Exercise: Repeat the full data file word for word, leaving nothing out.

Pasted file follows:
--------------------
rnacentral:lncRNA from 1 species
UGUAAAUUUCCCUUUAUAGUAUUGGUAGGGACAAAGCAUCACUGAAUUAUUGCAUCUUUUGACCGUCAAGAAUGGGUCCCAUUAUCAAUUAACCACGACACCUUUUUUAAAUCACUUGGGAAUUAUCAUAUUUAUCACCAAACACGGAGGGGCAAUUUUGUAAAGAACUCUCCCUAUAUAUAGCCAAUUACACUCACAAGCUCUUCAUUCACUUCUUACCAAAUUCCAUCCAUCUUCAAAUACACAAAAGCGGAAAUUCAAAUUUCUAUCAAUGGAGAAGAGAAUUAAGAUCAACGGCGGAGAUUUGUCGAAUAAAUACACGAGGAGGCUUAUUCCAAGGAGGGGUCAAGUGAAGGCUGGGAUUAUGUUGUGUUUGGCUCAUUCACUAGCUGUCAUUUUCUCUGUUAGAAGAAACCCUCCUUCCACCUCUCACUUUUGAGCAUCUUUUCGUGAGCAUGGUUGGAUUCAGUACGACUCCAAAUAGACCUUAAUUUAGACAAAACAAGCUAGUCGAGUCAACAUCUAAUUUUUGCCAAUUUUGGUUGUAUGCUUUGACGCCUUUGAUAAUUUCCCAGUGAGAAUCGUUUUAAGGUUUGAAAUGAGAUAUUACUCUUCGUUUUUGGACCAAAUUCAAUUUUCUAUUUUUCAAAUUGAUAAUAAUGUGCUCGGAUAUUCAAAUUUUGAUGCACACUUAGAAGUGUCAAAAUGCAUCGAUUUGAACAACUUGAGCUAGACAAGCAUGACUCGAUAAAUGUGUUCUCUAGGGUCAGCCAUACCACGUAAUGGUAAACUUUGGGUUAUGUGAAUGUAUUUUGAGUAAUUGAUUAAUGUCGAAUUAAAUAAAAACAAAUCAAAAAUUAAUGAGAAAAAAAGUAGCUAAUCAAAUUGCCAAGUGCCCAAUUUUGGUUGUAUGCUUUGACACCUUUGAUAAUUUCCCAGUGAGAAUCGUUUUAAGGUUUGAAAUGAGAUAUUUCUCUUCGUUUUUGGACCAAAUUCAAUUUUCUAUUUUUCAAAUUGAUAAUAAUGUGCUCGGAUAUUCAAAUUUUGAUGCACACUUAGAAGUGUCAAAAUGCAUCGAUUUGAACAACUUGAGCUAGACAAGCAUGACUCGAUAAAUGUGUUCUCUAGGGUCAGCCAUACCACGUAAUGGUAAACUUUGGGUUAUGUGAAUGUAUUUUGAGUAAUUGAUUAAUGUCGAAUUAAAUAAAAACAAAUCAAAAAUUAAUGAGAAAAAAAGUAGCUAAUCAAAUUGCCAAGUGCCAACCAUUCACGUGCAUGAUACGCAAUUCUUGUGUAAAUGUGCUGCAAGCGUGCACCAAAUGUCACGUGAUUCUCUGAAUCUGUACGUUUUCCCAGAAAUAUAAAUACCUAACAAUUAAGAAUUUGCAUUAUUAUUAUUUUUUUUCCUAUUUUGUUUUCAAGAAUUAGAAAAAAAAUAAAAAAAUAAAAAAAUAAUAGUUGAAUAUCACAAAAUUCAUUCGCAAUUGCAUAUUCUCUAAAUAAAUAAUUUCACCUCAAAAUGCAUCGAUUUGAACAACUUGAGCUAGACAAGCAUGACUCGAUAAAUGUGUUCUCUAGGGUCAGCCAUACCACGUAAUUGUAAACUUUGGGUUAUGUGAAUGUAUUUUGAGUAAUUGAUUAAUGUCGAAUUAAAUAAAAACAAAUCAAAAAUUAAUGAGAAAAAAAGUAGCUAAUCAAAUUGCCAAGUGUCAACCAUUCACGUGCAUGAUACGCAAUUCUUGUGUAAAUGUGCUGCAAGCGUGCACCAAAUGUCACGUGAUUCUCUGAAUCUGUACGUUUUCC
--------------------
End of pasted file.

rnacentral:lncRNA from 1 species
UGUAAAUUUCCCUUUAUAGUAUUGGUAGGGACAAAGCAUCACUGAAUUAUUGCAUCUUUUGACCGUCAAGAAUGGGUCCCAUUAUCAAUUAACCACGACACCUUUUUUAAAUCACUUGGGAAUUAUCAUAUUUAUCACCAAACACGGAGGGGCAAUUUUGUAAAGAACUCUCCCUAUAUAUAGCCAAUUACACUCACAAGCUCUUCAUUCACUUCUUACCAAAUUCCAUCCAUCUUCAAAUACACAAAAGCGGAAAUUCAAAUUUCUAUCAAUGGAGAAGAGAAUUAAGAUCAACGGCGGAGAUUUGUCGAAUAAAUACACGAGGAGGCUUAUUCCAAGGAGGGGUCAAGUGAAGGCUGGGAUUAUGUUGUGUUUGGCUCAUUCACUAGCUGUCAUUUUCUCUGUUAGAAGAAACCCUCCUUCCACCUCUCACUUUUGAGCAUCUUUUCGUGAGCAUGGUUGGAUUCAGUACGACUCCAAAUAGACCUUAAUUUAGACAAAACAAGCUAGUCGAGUCAACAUCUAAUUUUUGCCAAUUUUGGUUGUAUGCUUUGACGCCUUUGAUAAUUUCCCAGUGAGAAUCGUUUUAAGGUUUGAAAUGAGAUAUUACUCUUCGUUUUUGGACCAAAUUCAAUUUUCUAUUUUUCAAAUUGAUAAUAAUGUGCUCGGAUAUUCAAAUUUUGAUGCACACUUAGAAGUGUCAAAAUGCAUCGAUUUGAACAACUUGAGCUAGACAAGCAUGACUCGAUAAAUGUGUUCUCUAGGGUCAGCCAUACCACGUAAUGGUAAACUUUGGGUUAUGUGAAUGUAUUUUGAGUAAUUGAUUAAUGUCGAAUUAAAUAAAAACAAAUCAAAAAUUAAUGAGAAAAAAAGUAGCUAAUCAAAUUGCCAAGUGCCCAAUUUUGGUUGUAUGCUUUGACACCUUUGAUAAUUUCCCAGUGAGAAUCGUUUUAAGGUUUGAAAUGAGAUAUUUCUCUUCGUUUUUGGACCAAAUUCAAUUUUCUAUUUUUCAAAUUGAUAAUAAUGUGCUCGGAUAUUCAAAUUUUGAUGCACACUUAGAAGUGUCAAAAUGCAUCGAUUUGAACAACUUGAGCUAGACAAGCAUGACUCGAUAAAUGUGUUCUCUAGGGUCAGCCAUACCACGUAAUGGUAAACUUUGGGUUAUGUGAAUGUAUUUUGAGUAAUUGAUUAAUGUCGAAUUAAAUAAAAACAAAUCAAAAAUUAAUGAGAAAAAAAGUAGCUAAUCAAAUUGCCAAGUGCCAACCAUUCACGUGCAUGAUACGCAAUUCUUGUGUAAAUGUGCUGCAAGCGUGCACCAAAUGUCACGUGAUUCUCUGAAUCUGUACGUUUUCCCAGAAAUAUAAAUACCUAACAAUUAAGAAUUUGCAUUAUUAUUAUUUUUUUUCCUAUUUUGUUUUCAAGAAUUAGAAAAAAAAUAAAAAAAUAAAAAAAUAAUAGUUGAAUAUCACAAAAUUCAUUCGCAAUUGCAUAUUCUCUAAAUAAAUAAUUUCACCUCAAAAUGCAUCGAUUUGAACAACUUGAGCUAGACAAGCAUGACUCGAUAAAUGUGUUCUCUAGGGUCAGCCAUACCACGUAAUUGUAAACUUUGGGUUAUGUGAAUGUAUUUUGAGUAAUUGAUUAAUGUCGAAUUAAAUAAAAACAAAUCAAAAAUUAAUGAGAAAAAAAGUAGCUAAUCAAAUUGCCAAGUGUCAACCAUUCACGUGCAUGAUACGCAAUUCUUGUGUAAAUGUGCUGCAAGCGUGCACCAAAUGUCACGUGAUUCUCUGAAUCUGUACGUUUUCC